I have read in a book that LaGuardia was thinking of banning the "super 60's" from using its facility due to excessive noise concerns, especially the 62/63, but this was before the 60 series was actually introduced into service. This was going to possibly affect orders from one of the airlines that used LaGuardia, and so Douglas performed noise tests there, and proved that the 61 was no louder than the 50 series, and that the 62/63 were actually quieter than the 61's even with the higher thrust engines, so that is what I based my statement on regarding the nacelles.

Chris



Don't blame me, I don't work here...
User currently offlineIrish251 From Ireland, joined Nov 2004, 959 posts, RR: 4
Reply 5, posted (7 years 10 months 14 hours ago) and read 2362 times:

Quoting N8076U (Reply 4):
I have read in a book that LaGuardia was thinking of banning the "super 60's" from using its facility due to excessive noise concerns, especially the 62/63, but this was before the 60 series was actually introduced into service. This was going to possibly affect orders from one of the airlines that used LaGuardia, and so Douglas performed noise tests there, and proved that the 61 was no louder than the 50 series, and that the 62/63 were actually quieter than the 61's even with the higher thrust engines, so that is what I based my statement on regarding the nacelles.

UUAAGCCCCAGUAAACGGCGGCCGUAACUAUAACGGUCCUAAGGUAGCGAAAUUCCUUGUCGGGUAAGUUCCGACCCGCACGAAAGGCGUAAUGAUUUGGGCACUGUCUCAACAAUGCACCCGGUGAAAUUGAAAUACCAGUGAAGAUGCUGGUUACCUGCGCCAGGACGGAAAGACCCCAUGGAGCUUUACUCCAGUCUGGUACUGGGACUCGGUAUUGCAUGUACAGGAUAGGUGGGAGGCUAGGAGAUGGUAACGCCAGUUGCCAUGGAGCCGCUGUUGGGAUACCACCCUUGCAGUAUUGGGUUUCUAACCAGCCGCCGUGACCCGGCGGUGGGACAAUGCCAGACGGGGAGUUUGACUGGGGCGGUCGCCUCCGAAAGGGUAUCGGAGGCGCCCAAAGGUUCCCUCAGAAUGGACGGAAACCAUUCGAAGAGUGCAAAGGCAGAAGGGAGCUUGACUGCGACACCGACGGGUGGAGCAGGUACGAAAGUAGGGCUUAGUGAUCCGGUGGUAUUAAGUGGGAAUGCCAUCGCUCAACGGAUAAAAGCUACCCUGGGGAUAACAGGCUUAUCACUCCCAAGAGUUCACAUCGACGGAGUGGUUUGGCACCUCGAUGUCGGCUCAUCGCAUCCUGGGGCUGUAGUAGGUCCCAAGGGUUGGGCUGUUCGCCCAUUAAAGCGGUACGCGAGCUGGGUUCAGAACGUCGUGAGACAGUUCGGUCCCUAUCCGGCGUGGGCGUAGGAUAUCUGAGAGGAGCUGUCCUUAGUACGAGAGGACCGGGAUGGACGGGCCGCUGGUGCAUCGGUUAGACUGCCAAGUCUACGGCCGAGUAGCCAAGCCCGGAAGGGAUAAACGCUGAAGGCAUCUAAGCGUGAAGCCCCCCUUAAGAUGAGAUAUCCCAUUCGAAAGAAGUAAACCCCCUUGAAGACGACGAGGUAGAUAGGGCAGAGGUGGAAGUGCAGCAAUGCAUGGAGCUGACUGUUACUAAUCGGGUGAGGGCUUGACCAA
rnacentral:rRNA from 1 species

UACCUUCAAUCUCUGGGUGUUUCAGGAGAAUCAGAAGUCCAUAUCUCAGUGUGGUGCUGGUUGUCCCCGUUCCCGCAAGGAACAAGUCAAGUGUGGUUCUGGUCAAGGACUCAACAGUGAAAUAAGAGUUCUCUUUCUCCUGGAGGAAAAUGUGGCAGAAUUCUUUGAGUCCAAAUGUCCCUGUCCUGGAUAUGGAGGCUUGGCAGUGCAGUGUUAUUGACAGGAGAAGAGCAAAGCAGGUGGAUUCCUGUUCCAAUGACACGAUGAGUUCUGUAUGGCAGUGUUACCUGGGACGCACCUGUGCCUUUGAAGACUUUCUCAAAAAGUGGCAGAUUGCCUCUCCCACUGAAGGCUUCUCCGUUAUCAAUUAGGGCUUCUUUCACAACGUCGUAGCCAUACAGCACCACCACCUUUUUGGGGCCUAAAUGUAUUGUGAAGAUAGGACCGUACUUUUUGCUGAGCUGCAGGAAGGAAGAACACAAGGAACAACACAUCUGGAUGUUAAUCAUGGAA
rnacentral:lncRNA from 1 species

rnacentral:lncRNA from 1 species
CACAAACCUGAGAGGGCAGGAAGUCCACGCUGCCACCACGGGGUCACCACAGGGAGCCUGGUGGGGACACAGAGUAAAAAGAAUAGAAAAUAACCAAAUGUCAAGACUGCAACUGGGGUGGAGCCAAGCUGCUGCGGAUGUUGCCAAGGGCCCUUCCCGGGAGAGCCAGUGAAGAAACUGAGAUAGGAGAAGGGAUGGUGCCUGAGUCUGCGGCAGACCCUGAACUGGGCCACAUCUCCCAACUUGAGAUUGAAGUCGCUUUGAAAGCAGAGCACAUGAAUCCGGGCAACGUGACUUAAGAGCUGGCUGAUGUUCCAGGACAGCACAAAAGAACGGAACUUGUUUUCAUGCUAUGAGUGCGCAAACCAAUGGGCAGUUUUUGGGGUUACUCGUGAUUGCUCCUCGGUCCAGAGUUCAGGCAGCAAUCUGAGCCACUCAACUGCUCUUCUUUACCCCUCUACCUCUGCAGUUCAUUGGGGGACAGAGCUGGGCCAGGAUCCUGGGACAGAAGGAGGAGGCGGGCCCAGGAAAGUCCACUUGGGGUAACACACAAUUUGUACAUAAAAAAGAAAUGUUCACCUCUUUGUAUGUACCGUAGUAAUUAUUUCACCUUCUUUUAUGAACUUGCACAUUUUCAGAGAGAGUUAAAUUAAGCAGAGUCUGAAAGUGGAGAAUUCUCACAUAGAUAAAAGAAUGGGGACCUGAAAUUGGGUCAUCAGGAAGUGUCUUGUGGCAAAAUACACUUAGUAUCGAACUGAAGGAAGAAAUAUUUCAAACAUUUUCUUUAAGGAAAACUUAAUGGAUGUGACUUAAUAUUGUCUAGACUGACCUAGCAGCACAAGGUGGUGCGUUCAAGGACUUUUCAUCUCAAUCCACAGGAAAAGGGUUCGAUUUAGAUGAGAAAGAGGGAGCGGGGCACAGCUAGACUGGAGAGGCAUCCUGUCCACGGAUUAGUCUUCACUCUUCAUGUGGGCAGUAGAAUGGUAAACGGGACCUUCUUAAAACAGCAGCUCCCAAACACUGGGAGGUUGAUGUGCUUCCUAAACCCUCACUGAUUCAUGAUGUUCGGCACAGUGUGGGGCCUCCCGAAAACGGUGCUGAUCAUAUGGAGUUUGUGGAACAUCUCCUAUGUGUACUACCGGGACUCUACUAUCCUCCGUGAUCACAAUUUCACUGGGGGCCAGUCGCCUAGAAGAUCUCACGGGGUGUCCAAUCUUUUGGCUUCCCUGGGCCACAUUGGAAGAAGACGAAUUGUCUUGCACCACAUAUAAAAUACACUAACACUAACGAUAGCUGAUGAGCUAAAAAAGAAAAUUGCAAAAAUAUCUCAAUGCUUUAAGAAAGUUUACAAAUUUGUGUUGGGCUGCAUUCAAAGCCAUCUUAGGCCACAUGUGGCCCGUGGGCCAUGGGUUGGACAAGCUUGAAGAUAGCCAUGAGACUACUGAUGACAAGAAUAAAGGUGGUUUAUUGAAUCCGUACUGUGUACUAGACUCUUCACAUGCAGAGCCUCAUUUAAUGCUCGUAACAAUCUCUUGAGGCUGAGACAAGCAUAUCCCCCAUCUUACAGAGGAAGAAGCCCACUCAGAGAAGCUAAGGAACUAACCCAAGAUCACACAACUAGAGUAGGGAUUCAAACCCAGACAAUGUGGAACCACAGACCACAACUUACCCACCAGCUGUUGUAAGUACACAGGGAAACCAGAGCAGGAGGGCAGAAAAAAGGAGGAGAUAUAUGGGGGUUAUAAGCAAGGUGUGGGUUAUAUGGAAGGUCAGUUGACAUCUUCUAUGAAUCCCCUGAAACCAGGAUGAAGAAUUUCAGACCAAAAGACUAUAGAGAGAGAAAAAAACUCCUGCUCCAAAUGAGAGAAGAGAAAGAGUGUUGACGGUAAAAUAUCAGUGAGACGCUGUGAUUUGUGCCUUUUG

There are no LGA DC-8 (or 707) photos in the site's database and this supports my belief that these types did not serve La Guardia - using JFK or EWR instead.


User currently offline113312 From United States of America, joined Apr 2005, 564 posts, RR: 1
Reply 6, posted (7 years 10 months 13 hours ago) and read 2355 times:

The JT-3 series was louder than the JT-8. However, "louder" is both a quantitative and qualitative term. You can get db values for each engine in their original installations to make the quantitative comparrisons. It should be noted, the original JT-3, JT-3C and even JT-4 turbojets had "organ pipe" sound suppressors on Boeing jets and a similar array plus the ejector ring in the DC-8-10/20/30 installations. Military J-57 and J-75 versions of these engines didn't have any sound suppression and were even louder.

The introduction of the JT-3D series Turbofan for the Boeing 707/720B and DC-8-50/60 series provided the first reduction in maximum noise. As a listener, the difference would only be apparent by side by side comparrison as they were still pretty loud.

The JT-8D engine was developed for the B727 and DC9 as a neighbor friendly turbofan powerplant that was noticably quieter than all of the JT-3/4, CJ-805, and Rolls Royce Conway powerplants in use on the 4 engine airliners. However, as the JT-8D progressed with higher and higher thrust outputs, again the maximum noise increased. This is why many DC9s seemed so loud when powered with the JT-8D-17.

The requirements for reduced noise introduced Stage II, and later Stage III standards. Inlet treatments and exhaust modifications reduced the noise values of all of the engines. Unmodified planes were banned from many locations. Because many younger observers have only experienced DC-8s and B707s in recent years that were modified to Stage II or III standards, it is understandable why they might not perceive the noise differences with the JT-8 powered planes in compliance with the same standards.

All jets operating today must meet Stage III nearly everywhere. But a new Stage IV standard is emerging and the cycle of noise reduction and obsolescence starts again.